Exit fee
When you leave your investment (exit), you sometimes have to pay some money (fee).  Thus exit fee.

Exit price
The price of a unit given to an investor when they want to take their money out of an investment.

Equity
It’s how much of an asset you own.  

 

F

Financial advisor
Financial advisors are people who are licensed to give you advice on financial matters.  They are usually people who know a bit about money and what to do with it.  
A licence means a financial advisor is obliged to act solely in your interests.  If you think a financial advisor is being a bit shifty, that's where ASIC comes in.

Fixed interest security
An investment that pays the same rate of interest every year for a set timeframe.  Examples of fixed interest securities are bonds, annuities, bank bills and notes.

Fund manager
A species often referred to as investment managers, usually operating as an organisation.  These investing specialists like nothing better than investing in a portfolio of assets for someone else.

Forgotten Super
It’s simply super in an account somewhere, but you can’t remember where. It’s different to lost super, which has a very specific meaning.

 

G

Gearing
The ratio of your own loan amount to the value of your security.

Gross domestic product (GDP)
It is a measurement, in dollar terms, of the aggregate goods produced and services provided within an economy over a year. It doesn't include income earned outside the country. GDP is published in Australia by the Australian Bureau of Statistics and is seen as a very important economic measure.

Growth returns
The part of an investor's return that results from capital gains or losses.  

 

H

Happy people
Our Customer Care Team are especially chosen for their happiness skills.  Nothing makes them happier than hearing from you.

 

I

Income Protection Cover
If you can't work because of certain defined events, this type of insurance will pay you a percentage of your income for a certain period of time.

Index
An index measures the performance or change in value of a group of assets such as shares.  There are indexes for pretty much any major group of assets.  The ASX 100 is an index of the top 100 companies in Australia.

Index manager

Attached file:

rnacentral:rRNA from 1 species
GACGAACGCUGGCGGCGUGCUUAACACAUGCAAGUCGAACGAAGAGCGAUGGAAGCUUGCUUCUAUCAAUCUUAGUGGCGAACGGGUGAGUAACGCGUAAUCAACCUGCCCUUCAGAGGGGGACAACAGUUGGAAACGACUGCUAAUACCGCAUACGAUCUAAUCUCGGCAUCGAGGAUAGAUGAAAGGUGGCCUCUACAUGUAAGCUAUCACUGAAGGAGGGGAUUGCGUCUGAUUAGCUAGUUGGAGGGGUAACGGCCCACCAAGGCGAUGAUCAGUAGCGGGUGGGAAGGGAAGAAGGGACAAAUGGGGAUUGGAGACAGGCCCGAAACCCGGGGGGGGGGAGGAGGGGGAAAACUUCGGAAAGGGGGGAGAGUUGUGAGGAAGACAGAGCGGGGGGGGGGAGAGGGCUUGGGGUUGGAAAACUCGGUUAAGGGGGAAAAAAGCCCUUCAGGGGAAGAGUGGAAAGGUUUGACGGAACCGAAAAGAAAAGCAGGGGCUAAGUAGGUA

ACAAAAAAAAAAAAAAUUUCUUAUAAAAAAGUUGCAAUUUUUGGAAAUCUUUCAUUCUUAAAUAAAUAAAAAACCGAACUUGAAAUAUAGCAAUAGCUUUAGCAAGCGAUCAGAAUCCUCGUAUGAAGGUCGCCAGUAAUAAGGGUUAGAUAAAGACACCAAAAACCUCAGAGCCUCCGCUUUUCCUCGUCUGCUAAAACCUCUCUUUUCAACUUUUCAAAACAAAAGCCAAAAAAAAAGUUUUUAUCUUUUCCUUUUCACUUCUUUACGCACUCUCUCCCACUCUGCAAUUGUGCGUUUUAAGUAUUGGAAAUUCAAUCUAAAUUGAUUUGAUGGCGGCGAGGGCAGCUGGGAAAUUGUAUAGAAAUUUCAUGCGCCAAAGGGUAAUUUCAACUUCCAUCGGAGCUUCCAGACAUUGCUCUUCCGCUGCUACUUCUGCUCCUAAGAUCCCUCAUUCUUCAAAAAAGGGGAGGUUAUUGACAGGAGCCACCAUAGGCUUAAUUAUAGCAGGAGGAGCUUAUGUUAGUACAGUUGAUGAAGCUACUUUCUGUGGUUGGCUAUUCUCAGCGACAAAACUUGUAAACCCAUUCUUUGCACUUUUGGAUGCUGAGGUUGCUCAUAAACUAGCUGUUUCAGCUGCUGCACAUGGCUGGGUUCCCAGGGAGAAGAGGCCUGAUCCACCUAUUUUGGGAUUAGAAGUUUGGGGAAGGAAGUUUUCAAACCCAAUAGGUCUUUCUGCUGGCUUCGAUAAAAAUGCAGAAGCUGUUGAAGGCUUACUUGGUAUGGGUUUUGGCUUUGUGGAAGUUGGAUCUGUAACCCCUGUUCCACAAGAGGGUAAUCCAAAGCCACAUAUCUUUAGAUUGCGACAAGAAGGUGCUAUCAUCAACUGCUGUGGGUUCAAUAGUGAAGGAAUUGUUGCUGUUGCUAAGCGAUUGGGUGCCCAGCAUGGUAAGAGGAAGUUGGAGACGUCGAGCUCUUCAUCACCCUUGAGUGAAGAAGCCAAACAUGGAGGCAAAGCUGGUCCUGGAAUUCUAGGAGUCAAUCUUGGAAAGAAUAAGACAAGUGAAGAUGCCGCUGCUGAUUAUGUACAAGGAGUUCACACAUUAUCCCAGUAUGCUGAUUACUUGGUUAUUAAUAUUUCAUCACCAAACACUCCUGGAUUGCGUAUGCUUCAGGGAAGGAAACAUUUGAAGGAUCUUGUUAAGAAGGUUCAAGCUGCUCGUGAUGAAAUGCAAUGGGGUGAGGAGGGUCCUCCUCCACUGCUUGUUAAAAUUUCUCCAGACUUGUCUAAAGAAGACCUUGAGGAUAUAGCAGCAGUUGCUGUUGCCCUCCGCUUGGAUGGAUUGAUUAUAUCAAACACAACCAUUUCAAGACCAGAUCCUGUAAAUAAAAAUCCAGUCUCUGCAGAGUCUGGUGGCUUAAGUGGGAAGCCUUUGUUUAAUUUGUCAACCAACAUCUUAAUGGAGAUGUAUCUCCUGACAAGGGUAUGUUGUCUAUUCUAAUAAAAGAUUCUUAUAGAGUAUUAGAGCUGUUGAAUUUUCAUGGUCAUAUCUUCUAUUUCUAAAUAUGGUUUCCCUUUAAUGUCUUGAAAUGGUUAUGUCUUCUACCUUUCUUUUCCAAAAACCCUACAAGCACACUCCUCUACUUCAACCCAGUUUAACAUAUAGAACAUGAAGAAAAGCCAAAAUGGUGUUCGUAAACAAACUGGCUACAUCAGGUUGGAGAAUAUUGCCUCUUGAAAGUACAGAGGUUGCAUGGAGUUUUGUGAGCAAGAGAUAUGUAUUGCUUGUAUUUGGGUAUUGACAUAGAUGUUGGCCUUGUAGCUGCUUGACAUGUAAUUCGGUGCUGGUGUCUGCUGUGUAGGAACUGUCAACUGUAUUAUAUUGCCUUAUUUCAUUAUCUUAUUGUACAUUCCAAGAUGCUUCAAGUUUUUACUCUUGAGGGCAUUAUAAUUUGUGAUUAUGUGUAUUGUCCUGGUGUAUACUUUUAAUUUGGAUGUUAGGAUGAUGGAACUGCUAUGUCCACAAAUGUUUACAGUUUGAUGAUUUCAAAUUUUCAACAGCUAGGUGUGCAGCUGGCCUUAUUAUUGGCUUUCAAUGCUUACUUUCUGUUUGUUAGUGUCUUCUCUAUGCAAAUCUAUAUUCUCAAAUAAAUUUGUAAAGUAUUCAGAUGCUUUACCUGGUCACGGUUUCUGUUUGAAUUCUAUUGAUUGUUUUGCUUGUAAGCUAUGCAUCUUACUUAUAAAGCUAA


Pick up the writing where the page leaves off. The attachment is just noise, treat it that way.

An investment manager who aims to perform as well as the investment markets.  If  the Australian share market returns 10 per cent so should your index manager.

Initial investment
The first wad of cash you whack into an investment.

Insurance
Buying financial protection against a possible future event.  If the specific event happens, the company you’ve purchased your policy from will help you out.

Interest
Interest is the price paid by a borrower for the use of a lender's money.  So, when you put your money into cash or a fixed interest the borrower (person/company) who has your money has to pay you for the privilege of borrowing your money.

Interdependency relationship
Two people have an interdependency relationship if they have a close personal relationship, they live together, one or each of them provides the other with financial support, and one or each of them provides the other with domestic support and personal care.

Investment
An asset you buy with the hope it’s going to give you an income or increase in value over time.

Investment bond
An investment requiring you to invest money for a minimum term.

Initial public offering (IPO)
When a company floats on the stock market it means you can buy shares in the company.  The first time a company sells it's shares is known as the IPO.

Investment option
Your choice of investment options determines how your Super is invested.  Have a look in more detail at what we can offer you by way of choice. Virgin Super investment options.

 

J

Joy
Is what our Customer Care Team feel when they get to answer your questions about super.

 

K

Knowledge
Of super is what our super Customer Care Team has.

 

L

Life insurance
When you talk about life insurance in the context of super it means insurance against premature death.

Listed property
Listed property is an asset class made up of property investments listed through a listed company.  

Lost Super
It’s if there’s a super account in your name that hasn’t had any deposits made in five consecutive years, or if your super fund gets a couple of return-to-sender notices after they’ve tried to reach you. When this happens, the ATO is informed, and your ‘lost’ record is added to their register.

 

M

Managed fund
A professionally managed investment where you pool your money with other people's money. Your get units for your money and a cut of the returns, be they positive or negative.

Management fee
The fee you pay your fund manager for managing your super account.

Marginal tax rate
The marginal tax rate is the tax scale in relation to your income.  To find out what yours is, check out the Australian Tax Office website.

MySuper
MySuper is a new, simple and cost effective superannuation product that will replace existing default products. MySuper products will have a simple set of product features, irrespective of who provides them.

 

N

Nice
The people we employ in our Customer Care Team.  They really are very nice, we test them for niceness and they're just soooo nice!

Non-concessional contribution.
This is a contribution made with money that you have already paid tax on such as from your after tax salary.

 

O

Old
Not what you want to be when you start planning your retirement.  The younger the better - even though it might seem like a very, very long way off.

 

P

Product Disclosure Statement (PDS)
A very, very, very important, (usually very long), document for you to read when you're looking at a particular investment.  It's where you'll find all the detailed information about the investment. Have a look at the Virgin Super PDS if you like!